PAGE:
ISTANBUL (Reuters) - The United States and Britain suspended non-lethal aid to northern Syria after Islamist fighters seized Western-backed rebel weapons warehouses, highlighting fears that supplies could end up in the wrong hands and the general chaos engulfing the nation.
The rebel Free Syrian Army fighting President Bashar al-Assad said the US and British moves were rushed and mistaken. "We hope our friends will rethink and wait for a few days when things will be clearer," FSA spokesman Louay Meqdad said.
India's Supreme Court on Wednesday reinstated a colonial-era law banning gay sex, which had been thrown out by a lower court in 2009. The ruling was seen as a major setback for gay rights in the world's largest democracy and shocked activists, who had expected the court to uphold the decision made four years ago.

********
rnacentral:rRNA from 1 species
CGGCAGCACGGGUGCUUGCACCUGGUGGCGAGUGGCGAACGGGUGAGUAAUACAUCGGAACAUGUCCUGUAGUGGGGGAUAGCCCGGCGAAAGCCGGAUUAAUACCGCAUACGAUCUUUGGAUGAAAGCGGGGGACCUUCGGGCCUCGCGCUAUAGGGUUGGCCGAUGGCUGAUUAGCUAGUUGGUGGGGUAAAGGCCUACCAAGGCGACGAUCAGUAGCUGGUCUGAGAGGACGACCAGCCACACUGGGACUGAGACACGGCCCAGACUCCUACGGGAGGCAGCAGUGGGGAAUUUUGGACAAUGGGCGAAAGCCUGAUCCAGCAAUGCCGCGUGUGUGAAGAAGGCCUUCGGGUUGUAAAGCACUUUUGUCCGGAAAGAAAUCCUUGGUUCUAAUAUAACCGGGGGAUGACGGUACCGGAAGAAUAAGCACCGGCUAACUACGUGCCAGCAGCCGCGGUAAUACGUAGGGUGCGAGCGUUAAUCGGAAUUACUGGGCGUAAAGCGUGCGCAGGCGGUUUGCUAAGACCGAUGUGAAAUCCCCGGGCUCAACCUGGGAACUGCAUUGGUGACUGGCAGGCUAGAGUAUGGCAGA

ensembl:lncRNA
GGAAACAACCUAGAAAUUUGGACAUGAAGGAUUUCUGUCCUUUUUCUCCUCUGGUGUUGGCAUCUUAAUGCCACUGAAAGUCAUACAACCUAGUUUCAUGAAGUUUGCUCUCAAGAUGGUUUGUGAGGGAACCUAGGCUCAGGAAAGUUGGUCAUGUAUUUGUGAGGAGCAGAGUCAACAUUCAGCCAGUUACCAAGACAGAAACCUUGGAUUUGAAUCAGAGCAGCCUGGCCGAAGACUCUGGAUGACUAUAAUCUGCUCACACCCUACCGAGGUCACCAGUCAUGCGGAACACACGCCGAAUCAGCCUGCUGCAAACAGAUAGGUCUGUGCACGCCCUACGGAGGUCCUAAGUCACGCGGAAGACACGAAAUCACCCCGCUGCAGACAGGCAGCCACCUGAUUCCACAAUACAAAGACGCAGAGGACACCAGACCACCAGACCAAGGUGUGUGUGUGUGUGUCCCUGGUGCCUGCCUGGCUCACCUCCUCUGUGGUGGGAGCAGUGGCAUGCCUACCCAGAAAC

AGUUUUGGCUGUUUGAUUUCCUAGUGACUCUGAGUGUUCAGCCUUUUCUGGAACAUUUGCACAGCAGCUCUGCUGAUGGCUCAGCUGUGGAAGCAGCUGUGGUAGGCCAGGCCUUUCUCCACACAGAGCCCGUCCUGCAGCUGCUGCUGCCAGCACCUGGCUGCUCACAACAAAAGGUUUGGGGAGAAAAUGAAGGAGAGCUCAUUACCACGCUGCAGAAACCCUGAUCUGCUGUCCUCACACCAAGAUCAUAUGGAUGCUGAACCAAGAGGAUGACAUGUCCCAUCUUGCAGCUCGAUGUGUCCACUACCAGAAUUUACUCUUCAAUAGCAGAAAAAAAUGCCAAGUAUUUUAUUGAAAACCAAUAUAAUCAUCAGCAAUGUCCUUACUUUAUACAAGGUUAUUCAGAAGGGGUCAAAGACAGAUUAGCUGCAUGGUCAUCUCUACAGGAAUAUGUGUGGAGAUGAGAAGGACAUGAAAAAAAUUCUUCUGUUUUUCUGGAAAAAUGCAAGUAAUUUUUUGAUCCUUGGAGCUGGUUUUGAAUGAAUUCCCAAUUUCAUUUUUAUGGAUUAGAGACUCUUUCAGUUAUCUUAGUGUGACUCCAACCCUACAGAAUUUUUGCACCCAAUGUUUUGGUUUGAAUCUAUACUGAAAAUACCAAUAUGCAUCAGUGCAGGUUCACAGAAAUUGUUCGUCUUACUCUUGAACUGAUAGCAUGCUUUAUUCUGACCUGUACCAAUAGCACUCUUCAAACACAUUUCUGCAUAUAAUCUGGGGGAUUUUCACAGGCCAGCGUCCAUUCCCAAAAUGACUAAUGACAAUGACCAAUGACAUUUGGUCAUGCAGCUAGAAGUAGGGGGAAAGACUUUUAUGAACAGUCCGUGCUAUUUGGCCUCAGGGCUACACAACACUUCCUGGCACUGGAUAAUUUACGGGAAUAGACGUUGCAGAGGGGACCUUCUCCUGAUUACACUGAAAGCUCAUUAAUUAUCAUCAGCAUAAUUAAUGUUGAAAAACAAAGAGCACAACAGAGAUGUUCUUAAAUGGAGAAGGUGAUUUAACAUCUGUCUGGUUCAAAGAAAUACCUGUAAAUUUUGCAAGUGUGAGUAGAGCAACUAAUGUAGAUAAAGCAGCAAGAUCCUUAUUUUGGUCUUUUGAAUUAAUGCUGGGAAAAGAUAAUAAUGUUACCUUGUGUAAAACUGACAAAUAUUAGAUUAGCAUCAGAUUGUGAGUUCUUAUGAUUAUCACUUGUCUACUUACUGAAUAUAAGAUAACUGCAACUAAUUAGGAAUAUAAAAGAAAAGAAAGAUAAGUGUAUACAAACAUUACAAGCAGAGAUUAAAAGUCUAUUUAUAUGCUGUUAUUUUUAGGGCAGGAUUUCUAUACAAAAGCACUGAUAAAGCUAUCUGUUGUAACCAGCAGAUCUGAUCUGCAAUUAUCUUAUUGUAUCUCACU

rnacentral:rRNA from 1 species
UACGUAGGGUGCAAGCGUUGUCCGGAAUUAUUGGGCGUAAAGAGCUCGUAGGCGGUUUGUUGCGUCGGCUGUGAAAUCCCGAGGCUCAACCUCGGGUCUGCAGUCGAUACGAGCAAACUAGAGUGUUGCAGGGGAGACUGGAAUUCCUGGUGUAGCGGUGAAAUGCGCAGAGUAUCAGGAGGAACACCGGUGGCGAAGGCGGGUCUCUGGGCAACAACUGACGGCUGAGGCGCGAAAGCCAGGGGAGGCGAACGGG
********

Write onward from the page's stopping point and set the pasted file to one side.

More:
While John Kerry admitted a nuclear deal with Iran may yet fail, he urged Congress on Tuesday to avoid any new sanctions that would threaten the “delicate” diplomatic agreement.
The United States Secretary of State underwent intense grilling before the Foreign Affairs Committee, defending the deal struck between the Islamic Republic and the P5+1 Nations last month.
Ukrainian President Viktor Yanukovych slammed opposition calls for revolution as a "threat to national security" as he met his predecessors in a bid to defuse an escalating standoff over a rejected EU pact.